I finally got the nerve to visit her and, sure enough, when I got there, she was sitting in her chair by the window, clutching her rosary beads, with her eyes fixed on the Urban Renewal office.  Even though it was only a little over a week since I saw her, she looked like she was a lot older.  There were dark circles under her eyes, her hair had more silver streaks, and her face was sagging so much it looked like she was melting.  But when I heard her voice, it really broke my heart.  I could barely hear her speak when she told me Uncle Clarence and Daisy were out shopping.  She asked me how my arm was and how school was going, so I lied and told her they both were fine.  I also didn't tell her anything about Al or Henry being kicked out.  She told me that she missed watching me play on Austin Street.  I told her I'd be out there again doing things as soon as my arm healed.

The main reason I wasn't out there was because so many of my friends were gone.  In fact, only Richie, Paul, Billy, and Dave were left, because I found out the day, I visited her that Donna, Frenchie, and Bum were also on the way out in two weeks.  Bum's father would still manage Benny's Variety, but they were moving to Centralville across the river.  Donna'a family was going to Shaughnessy Terrace, the same tough housing project that Dicky was relocated to, but at least Donna could take care of herself.  Frenchie and his family returned to Quebec.  I still hadn't taken this all in when I was visiting my Aunt Rose.  The best gang in history was being blown apart by Urban Renewal.  But as bad as that was, my sadness about the gang was nothing compared to my pain and fear about losing our home and Aunt Rose being forced to move.  This thing was killing her.  I could see it.

I asked her if the priest was still coming to see her and she said he did but she was very upset with him.  When she asked him if they were finally going to stop throwing people out, he told her that it was up to God.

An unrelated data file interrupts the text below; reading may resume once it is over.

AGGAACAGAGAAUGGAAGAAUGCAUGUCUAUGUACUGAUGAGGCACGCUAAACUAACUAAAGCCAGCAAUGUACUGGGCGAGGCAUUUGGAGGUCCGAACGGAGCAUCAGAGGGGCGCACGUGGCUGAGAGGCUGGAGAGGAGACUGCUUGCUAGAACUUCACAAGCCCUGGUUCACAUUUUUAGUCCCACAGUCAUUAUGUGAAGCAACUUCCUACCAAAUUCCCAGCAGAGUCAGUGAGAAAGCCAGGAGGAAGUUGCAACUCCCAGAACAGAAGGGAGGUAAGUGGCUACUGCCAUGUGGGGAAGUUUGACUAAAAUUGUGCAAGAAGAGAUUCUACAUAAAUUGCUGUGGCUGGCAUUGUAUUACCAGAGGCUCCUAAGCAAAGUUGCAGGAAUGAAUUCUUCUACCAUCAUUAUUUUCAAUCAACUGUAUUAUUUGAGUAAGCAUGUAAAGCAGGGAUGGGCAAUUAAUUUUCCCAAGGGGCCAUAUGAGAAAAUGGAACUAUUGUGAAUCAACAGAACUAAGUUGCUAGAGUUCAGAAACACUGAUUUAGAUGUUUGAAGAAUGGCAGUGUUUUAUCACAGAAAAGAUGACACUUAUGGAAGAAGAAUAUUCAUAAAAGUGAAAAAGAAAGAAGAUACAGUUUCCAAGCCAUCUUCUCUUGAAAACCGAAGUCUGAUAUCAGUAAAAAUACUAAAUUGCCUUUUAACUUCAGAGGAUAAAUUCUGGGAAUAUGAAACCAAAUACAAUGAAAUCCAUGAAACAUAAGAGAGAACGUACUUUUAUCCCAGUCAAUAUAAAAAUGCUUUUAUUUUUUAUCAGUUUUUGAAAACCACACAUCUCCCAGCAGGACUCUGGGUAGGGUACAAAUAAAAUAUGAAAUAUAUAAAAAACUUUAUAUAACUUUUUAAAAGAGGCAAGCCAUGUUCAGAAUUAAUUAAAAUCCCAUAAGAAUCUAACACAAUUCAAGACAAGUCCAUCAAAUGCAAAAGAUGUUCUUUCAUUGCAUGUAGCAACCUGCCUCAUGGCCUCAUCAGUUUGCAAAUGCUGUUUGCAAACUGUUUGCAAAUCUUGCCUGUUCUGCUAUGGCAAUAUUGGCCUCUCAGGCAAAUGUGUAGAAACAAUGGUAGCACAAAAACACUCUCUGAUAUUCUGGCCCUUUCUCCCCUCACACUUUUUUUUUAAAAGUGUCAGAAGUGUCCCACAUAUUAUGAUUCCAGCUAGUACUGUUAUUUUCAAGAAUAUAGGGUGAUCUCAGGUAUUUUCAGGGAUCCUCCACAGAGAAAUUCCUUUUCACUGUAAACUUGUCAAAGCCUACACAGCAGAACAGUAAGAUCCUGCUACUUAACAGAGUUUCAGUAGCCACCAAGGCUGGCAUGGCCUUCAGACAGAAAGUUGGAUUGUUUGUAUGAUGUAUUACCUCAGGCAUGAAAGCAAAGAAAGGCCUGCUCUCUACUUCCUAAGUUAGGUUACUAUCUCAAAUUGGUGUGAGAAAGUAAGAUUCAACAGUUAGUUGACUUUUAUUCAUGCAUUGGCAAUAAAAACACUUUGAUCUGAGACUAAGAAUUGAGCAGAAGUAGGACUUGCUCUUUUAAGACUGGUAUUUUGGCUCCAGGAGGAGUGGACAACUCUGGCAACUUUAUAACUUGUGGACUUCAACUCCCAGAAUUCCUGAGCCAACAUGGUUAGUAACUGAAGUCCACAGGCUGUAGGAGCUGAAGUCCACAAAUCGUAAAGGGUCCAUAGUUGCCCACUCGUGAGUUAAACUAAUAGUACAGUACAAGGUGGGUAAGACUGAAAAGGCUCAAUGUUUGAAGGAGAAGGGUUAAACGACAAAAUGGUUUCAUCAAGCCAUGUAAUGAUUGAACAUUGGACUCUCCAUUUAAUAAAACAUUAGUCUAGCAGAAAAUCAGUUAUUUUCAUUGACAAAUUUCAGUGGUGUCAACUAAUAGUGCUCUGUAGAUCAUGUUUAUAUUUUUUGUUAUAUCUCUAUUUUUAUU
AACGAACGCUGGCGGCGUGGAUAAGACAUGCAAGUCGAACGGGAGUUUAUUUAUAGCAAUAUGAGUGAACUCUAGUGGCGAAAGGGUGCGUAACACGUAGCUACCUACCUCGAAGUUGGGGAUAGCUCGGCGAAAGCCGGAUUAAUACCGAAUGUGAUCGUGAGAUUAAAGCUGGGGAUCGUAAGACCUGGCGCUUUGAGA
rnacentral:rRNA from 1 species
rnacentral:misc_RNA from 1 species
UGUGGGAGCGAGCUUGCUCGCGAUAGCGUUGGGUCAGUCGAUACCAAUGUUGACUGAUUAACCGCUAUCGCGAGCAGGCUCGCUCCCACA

She snapped.  "Up to God!  The nerve!  I told him that was blasphemous.  I told him God had nothing to do with it.  People are doing this, and the church doesn't care and is hiding behind God.  The church leaders lied to us when we kept asking them if our homes were in danger of being taken.  I told him to get out and never come back and that God would judge them someday."

Then she started crying.  As I hugged her, Uncle Clarence came in with Daisy.  They both rushed over to us, and Uncle Clarence already knew what was wrong as he patted my head and kissed Aunt Rose's cheek and told her that a person he had talked to downtown told him that some buildings would be left up and we just needed to pray that our building would be spared.  He said he heard the Club Passe-Temps and the row houses on Cabot weren't going down and because they were close to us maybe we'd be okay.

Aunt Rose calmed down, and he said, "I bought food and I'm going to bake my special apple pie that you love.  I got one of Daisy's favorite soup bones at the market so hang around for a while Charlie and we'll have a special dessert together."

Daisy slowly nuzzled Aunt Rose like she always did and after Aunt Rose petted her she came over to me so I could say hello and pet her, but I noticed that she didn't bound over to me like she usually does because she seemed sad.  After I petted her, she went right back to Aunt Rose and stayed by her side every second, instead of hanging out with Uncle Clarence in the kitchen while he was making dinner like she usually would do.

That night I felt like my whole world was falling apart.

Charles Gargiulo has been a community organizer in Lowell, Massachusetts and organized the Coalition for a Better Acre (CBA) to fight urban renewal successfully in that neighborhood of Lowell. Legends of Little Canada is available from Loom Press at